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"This book does an excellent job of helping you learn Eclipse. The practical examples and exercises included have been proven in real-life course situations and are invaluable in helping you to get up and running quickly."
—Dave Thomson, Eclipse Project Program Director, Object Technology International, Inc.
Eclipse is a world-class Java IDE, a platform for building and integrating application development tools, and an open source project and community. Written by members of the IBM Eclipse Jumpstart team, The Java™ Developer's Guide to Eclipse is the definitive Eclipse companion. Drawing on their considerable experience teaching Eclipse and mentoring developers, the authors provide guidance on how to customize Eclipse for increased productivity and efficiency and how to avoid common pitfalls.
Key coverage includes:
Those new to Eclipse will benefit from the directed exercises on using the Eclipse platform. Advanced developers can learn how to extend Eclipse and use this book as a reference to the Eclipse frameworks.
The accompanying CD-ROM contains Eclipse SDK Version 2.0, as well as exercise solutions and many code examples for easier learning. Whether you want to use Eclipse and Eclipse-based offerings as your integrated development environment (IDE), or customize Eclipse further, this book is your definitive reference.
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Origin of the Book.
Intended Audience and Prerequisites.
How the Book Is Organized.
I. RUNNING ECLIPSE.1. Getting Started.
Software Challenge and Eclipse.
What Is Eclipse?
Java Development Environment.
Tool Integration Platform.
Open Source Community.
What Is the Common Public License?
Getting and Installing Eclipse.
The Eclipse Look: Editors, Views, and Perspectives.
Working in Eclipse.
A Word to IBM VisualAge Users.
References.2. Using Eclipse.
Creating Your First Project.
Overview of the User Interface.
Manipulating the User Interface.
Fundamental Eclipse Use.
Working with Tasks.
Working with Bookmarks.
More on Projects.
Importing and Exporting Resources.
Running Multiple Eclipse Windows.
Customizing Your JRE.
Using Other Computer Programs with Eclipse.
More on Preferences.
Chapter Summary.3. Using Java Development Tools.
Overview of the JDT User In
In 2000, the authors formed the core of a group within IBM called the Jumpstart team. Our team was created to share knowledge of the Eclipse technology throughout IBM and with its business partners, that is, to 'jumpstart' the IBM and partner development community on Eclipse. Part of this effort included the creation of a set of presentations, lecture materials, and accompanying exercises. Over the ensuing months, as the Eclipse technology matured, the presentation and exercises matured as well. As the Eclipse community grew to include various companies and academic institutions, requests for this information grew as well. After every class taught, we revised and improved the materials. When our schedules could not keep pace with the demand, we adapted the materials and made them available to use in a self-study mode. This was the genesis of this book. You can think of each chapter in the book as a lesson in class. The exercises and solutions reinforce the concepts of the chapter and provide you with practice using or extending an aspect of Eclipse.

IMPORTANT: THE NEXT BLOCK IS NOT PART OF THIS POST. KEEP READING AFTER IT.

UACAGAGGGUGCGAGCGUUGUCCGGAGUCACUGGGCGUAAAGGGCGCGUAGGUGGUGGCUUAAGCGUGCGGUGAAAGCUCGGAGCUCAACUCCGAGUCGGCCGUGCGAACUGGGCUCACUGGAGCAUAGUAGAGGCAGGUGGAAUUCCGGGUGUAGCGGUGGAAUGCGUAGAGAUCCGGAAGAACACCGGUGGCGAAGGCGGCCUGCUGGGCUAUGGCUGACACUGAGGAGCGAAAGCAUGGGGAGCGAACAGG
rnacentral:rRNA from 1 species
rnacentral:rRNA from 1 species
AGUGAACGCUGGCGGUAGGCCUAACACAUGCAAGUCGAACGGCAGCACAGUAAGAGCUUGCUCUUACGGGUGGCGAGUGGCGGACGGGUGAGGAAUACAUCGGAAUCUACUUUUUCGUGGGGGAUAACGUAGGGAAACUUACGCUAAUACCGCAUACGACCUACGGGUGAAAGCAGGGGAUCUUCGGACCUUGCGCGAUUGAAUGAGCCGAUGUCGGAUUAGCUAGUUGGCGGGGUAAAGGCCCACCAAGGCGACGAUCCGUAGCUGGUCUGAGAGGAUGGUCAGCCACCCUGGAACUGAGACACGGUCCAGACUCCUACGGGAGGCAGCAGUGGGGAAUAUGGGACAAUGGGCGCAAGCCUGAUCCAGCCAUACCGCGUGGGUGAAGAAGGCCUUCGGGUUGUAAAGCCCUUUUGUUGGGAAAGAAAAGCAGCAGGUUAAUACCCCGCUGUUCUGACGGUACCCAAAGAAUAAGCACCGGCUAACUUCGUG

Our goals in bringing you this book are to:
1. Provide information for those new to Eclipse.
2. Explore the capabilities of Eclipse
The book will cover both using Eclipse as your development environment and extending Eclipse. The chapters on using Eclipse start with its use as a general development environment and then progress on to developing and debugging Java and more advanced usage topics, for example using Eclipse in a team environment. In the chapters in extending Eclipse in Part II, we cover the most common classes for each Eclipse framework. References to design patterns, where applicable, illustrate the architectural relationships among the classes. The intent is not to replace the Javadoc that is included with Eclipse, but to compliment the documentation by focusing on how to bring a set of classes together to complete a task.
3. Provide exercises and working examples that are simple and focused on the chapter topic.
4. Provide reference material for those experienced in using Eclipse.
5. Promote the Eclipse community
Though the term "Eclipse" conveys the image of a solar eclipse causing darkness, the intent of this book is to shed light, add clarity, and focus on a powerful new platform. Whether you are new to Eclipse or one of the early adopters, we welcome you to the Eclipse community.
The audience for this book includes Java programmers who plan to use Eclipse as their integrated development environment (IDE), those who will use Eclipse-based offerings, advanced users who want to customize Eclipse further, and tool providers that seek to develop tools that will integrate with Eclipse and other Eclipse-based offerings. This book assumes that you are familiar with the Java programming language. While it describes how to use the Java development tools, it does not teach the syntax and semantics of the Java programming language.